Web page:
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African Crested Porcupine

Hystrix cristata

25 to 29 inches long, 18 to 50 pounds

The name “porcupine” means “quill pig” in Latin, although they are not related to pigs.

Hippo Haven

African Crested Porcupine

African Crested Porcupines, like the ones you can find on exhibit in our Hippo Haven exhibit, are the largest rodents in Africa, and the biggest porcupines on Earth. They can grow to be two-and-a-half feet long and weigh up to 50 pounds. 

And even though these are large animals, people often miss the porcupines we have on exhibit in Hippo Haven. Why? They’re nocturnal, so they’re sleeping or resting for a majority of the day. In the wild, they would find shelter in caves or holes in the ground.   

Our porcupines like to hide behind the big logs in the exhibit. We have two porcupines at the aquarium, but we only put one out on exhibit at a time. So if you visit, you’ll see either Vincent or Julian. And if you’re having trouble locating our prickly friend, crane your neck and try looking in his favorite spot. You can usually see him all snuggled up in the corner. So drop on by Zone D for a look at our cute and not-so cuddly friend!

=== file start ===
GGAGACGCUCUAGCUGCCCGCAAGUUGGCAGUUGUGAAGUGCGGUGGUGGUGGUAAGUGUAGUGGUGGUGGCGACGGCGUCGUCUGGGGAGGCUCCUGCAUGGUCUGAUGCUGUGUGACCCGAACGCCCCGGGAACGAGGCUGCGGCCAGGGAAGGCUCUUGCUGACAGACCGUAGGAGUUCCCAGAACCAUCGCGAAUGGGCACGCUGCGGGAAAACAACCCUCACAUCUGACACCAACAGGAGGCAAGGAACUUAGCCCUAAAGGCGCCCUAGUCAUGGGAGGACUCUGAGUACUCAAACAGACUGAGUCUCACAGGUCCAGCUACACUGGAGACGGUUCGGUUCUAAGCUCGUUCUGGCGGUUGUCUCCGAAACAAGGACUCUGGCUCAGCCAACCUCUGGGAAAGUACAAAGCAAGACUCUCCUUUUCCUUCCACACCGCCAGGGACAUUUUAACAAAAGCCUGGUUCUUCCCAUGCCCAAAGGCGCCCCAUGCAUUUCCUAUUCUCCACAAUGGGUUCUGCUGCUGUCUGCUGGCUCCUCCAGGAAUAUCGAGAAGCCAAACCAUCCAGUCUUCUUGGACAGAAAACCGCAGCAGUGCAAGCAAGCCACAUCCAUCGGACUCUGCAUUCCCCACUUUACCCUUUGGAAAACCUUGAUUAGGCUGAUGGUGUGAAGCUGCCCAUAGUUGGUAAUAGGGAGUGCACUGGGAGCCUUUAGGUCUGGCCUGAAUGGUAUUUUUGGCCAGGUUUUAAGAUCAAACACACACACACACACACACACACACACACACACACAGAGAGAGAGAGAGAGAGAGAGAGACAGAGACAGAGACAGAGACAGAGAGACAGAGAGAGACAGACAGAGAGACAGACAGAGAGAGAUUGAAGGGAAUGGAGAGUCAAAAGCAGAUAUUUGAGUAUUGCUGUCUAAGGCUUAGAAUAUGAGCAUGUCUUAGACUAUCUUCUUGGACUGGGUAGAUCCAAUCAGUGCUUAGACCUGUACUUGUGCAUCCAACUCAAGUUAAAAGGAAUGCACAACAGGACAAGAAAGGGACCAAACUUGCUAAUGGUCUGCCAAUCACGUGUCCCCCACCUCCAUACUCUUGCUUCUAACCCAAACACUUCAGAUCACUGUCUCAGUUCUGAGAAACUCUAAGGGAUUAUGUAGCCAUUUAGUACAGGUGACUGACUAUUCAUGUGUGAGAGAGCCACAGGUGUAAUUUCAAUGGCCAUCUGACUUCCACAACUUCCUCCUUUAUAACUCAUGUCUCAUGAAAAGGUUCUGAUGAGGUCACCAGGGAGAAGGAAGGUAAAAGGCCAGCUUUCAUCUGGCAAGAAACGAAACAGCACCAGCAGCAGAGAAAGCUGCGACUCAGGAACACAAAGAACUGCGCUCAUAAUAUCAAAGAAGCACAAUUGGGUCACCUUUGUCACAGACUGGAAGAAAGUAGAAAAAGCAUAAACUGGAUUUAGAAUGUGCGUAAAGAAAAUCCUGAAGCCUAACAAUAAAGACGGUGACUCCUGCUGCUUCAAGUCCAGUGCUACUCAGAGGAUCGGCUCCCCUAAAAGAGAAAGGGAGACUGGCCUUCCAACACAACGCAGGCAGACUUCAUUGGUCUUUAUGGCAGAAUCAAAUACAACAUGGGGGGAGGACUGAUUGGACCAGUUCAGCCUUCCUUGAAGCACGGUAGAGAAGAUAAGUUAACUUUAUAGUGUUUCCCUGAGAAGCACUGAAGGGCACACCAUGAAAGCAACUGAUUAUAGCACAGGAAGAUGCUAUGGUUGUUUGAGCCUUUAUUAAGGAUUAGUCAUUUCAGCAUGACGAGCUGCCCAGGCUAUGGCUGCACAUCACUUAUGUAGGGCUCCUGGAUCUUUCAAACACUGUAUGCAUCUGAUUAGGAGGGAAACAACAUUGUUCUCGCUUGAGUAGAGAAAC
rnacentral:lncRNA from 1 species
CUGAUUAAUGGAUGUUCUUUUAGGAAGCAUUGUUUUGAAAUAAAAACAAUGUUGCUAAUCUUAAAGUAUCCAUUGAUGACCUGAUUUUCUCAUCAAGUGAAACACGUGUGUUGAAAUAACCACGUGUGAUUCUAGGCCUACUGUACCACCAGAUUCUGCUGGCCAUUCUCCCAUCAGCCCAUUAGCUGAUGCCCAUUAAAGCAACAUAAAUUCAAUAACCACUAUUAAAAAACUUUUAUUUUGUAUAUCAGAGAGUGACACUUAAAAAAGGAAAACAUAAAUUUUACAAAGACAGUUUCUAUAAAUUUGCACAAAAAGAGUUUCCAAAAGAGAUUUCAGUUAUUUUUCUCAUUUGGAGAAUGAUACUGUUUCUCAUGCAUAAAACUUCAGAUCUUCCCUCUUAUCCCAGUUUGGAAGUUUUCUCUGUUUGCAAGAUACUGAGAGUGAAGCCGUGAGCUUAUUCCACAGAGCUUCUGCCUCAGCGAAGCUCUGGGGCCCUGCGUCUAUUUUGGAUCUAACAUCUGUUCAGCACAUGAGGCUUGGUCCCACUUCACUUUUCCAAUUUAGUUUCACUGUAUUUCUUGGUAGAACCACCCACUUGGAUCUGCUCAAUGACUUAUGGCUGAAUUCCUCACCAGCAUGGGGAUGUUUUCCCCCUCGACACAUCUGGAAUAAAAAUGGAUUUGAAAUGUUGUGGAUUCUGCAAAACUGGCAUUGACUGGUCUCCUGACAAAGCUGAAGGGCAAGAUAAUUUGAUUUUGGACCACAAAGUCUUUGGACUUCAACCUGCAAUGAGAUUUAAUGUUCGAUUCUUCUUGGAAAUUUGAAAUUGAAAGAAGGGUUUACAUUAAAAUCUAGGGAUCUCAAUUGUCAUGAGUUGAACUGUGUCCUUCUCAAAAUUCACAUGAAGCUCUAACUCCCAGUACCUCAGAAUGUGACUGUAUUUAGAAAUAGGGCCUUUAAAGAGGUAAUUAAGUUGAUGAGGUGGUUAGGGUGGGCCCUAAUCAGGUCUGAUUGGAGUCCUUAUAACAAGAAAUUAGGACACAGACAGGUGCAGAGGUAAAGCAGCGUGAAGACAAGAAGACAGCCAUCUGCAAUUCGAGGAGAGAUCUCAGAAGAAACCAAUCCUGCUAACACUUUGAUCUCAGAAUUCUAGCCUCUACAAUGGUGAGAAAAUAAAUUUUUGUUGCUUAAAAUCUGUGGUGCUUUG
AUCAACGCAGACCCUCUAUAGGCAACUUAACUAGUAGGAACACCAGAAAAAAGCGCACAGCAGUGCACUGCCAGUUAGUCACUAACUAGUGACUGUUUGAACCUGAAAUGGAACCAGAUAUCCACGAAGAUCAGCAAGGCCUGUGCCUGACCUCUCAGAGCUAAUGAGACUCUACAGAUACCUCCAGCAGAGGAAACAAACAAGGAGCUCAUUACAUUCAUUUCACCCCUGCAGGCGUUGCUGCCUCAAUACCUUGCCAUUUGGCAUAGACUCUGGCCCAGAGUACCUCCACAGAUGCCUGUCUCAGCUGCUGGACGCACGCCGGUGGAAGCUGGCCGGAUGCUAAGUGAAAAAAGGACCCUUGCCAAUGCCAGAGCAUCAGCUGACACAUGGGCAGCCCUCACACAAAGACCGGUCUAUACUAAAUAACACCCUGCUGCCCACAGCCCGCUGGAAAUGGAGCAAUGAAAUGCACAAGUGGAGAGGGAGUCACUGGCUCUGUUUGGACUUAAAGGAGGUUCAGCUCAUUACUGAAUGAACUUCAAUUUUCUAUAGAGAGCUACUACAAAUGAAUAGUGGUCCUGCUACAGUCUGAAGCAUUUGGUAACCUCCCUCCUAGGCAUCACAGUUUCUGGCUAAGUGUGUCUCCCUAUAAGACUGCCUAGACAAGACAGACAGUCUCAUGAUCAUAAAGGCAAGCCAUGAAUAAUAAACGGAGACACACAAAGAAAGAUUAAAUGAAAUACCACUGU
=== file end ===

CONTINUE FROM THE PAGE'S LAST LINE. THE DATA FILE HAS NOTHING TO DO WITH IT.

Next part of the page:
Did you know?
When someone says “porcupine,” what’s the first thing that comes to mind? Their quills, of course. The African Crested Porcupine gets its name because it has a “crest” of coarse hair that runs from the top of its head to the middle of its back, like a mohawk. Then, from its back to its tail, it has long, brown-and-white striped quills. These quills are used for defense against predators. If someone or something bothers the porcupine, it will grunt and stomp its feet. If that doesn’t succeed in scaring off the attacker, the porcupine will rattle his tail, which is covered in special short, fat, hollow “rattle quills.” These quills rattle together to make noise, much like a rattlesnake’s tail. If the predator still doesn’t go away, the porcupine will spread his quills out and charge at the attacker- backwards! A lot of people think that porcupines can shoot their quills, but that isn’t true. Their quills are covered in tiny barbs, or hooks, so if a quill sticks into a predator’s skin, it won’t come back out very easily. Also, the quills aren’t attached to the porcupine very well, so once the quills are stuck into their enemy, the porcupine can release the quills and escape. The porcupine will then grow new quills to replace the lost ones.